Saturday morning, Christine, Fran and Doug drove to the trailhead of the Sendero Los Quetzales in Christine’s truck (Mark wanted a day of R&R) and we walked the 5.1km to the Mirador. The drive up and the first part of the trail were quite beautiful as you follow the river and there is a set of falls at one point on the road and a cool rock wall before you hit the end of the road and the park entrance. The trail is within the borders of the Volcán Barú national park. This trial is described as the most beautiful hike in the country. We lucked out with the weather and the sunshine held all day adding to the beauty of the scenery.   After almost 2km on the trail/road/path, you turn into the cloud forest and walk on a trail.

For about another 2km it’s a decent sloping trial with a few rocks, bridges, roots and the like but not strenuous, THEN you hit the dreaded stairs (Fran speaking here!). Her knees began giving her pain but she pushed on and we made it to our destination, not the end of the trail (another 2km further) but the lookout called Mirador Los Rocas.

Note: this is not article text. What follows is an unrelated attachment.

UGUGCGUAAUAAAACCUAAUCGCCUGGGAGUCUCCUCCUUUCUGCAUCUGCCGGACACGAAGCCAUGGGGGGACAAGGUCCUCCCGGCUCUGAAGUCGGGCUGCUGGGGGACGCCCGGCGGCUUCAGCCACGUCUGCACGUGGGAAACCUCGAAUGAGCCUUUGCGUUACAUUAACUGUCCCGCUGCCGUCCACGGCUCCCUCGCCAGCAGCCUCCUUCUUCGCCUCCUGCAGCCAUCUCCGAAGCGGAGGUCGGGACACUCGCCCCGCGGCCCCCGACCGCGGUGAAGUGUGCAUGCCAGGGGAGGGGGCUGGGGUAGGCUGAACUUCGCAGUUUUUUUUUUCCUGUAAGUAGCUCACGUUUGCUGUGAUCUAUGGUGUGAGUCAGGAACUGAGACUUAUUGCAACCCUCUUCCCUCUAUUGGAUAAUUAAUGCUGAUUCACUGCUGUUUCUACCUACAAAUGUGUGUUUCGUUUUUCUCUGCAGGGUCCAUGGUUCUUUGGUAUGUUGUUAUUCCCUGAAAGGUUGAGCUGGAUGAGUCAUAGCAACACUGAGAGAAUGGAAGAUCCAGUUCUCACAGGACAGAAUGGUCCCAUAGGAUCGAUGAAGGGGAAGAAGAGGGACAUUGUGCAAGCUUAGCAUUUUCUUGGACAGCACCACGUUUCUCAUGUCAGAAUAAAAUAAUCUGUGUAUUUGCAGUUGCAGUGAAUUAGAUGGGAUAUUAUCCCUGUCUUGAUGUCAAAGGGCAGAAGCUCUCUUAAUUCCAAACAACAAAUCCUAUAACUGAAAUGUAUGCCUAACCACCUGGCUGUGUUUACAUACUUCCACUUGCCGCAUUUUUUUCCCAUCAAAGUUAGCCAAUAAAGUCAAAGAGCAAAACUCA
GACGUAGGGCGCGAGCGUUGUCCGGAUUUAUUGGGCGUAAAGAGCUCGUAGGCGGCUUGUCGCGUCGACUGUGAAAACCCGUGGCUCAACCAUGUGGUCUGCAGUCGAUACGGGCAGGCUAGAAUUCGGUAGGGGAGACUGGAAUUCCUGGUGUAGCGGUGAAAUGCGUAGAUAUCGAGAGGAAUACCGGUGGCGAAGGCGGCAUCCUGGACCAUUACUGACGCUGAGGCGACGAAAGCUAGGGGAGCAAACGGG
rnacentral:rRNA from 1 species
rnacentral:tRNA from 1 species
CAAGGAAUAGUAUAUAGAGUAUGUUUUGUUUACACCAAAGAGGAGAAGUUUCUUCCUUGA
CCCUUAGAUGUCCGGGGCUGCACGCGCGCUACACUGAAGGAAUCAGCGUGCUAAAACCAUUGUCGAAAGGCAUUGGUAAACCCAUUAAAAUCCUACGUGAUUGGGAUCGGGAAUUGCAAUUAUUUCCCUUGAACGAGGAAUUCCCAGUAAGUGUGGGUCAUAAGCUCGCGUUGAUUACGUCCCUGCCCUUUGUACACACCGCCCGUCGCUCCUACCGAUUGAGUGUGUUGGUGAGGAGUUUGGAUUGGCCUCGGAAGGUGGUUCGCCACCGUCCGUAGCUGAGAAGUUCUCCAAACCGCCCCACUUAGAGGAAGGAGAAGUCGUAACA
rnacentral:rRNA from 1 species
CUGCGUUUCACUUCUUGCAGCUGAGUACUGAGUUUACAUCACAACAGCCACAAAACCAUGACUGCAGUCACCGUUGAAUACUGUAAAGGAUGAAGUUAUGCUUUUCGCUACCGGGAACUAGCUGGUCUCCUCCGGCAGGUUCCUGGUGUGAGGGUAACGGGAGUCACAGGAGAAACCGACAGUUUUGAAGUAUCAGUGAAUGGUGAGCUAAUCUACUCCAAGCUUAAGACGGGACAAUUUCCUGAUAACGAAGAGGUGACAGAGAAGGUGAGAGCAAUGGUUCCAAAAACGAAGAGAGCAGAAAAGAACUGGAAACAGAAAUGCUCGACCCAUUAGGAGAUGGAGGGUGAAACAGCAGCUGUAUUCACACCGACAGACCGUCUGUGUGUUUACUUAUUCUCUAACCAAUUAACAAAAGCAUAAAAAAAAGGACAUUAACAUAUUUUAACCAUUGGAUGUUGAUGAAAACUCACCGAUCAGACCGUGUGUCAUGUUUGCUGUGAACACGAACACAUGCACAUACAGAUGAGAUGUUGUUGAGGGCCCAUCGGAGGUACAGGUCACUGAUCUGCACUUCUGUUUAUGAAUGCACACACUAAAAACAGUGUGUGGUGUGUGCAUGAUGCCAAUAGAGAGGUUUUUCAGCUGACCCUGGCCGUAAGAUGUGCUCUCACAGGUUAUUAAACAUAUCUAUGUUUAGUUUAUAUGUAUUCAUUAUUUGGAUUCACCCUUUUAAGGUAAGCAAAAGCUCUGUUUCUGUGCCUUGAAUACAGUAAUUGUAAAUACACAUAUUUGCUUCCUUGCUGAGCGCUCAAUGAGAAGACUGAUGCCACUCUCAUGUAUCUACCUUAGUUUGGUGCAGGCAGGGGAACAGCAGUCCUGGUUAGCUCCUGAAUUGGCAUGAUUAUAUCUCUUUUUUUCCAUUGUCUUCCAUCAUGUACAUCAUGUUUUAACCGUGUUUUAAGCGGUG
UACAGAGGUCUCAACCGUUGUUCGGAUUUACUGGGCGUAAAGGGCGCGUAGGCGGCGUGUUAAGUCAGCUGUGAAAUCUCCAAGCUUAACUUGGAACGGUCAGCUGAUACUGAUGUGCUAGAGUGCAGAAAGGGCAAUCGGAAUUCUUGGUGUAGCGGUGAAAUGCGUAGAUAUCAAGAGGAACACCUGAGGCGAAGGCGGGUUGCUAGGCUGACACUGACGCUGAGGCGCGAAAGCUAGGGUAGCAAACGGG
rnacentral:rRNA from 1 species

We had a lovely view looking down at the mountains with some clouds and you could see the Pacific. It took us three hours to walk up there and almost another three to get back to the truck. On the trail we met some locals whom when we met them on our way back had seen two quetzales. We had heard at least one but never spotted it. Then we met Tim, an older man, at least 70, who’d hike this trail twice before and was headed to Boquete that day. We offered him a ride into town rather than him walking the 8km back. Hope we are still hiking at that age! On the drive back we stopped at the cool rock wall for pics and enjoyed hot showers at the hostel that afternoon.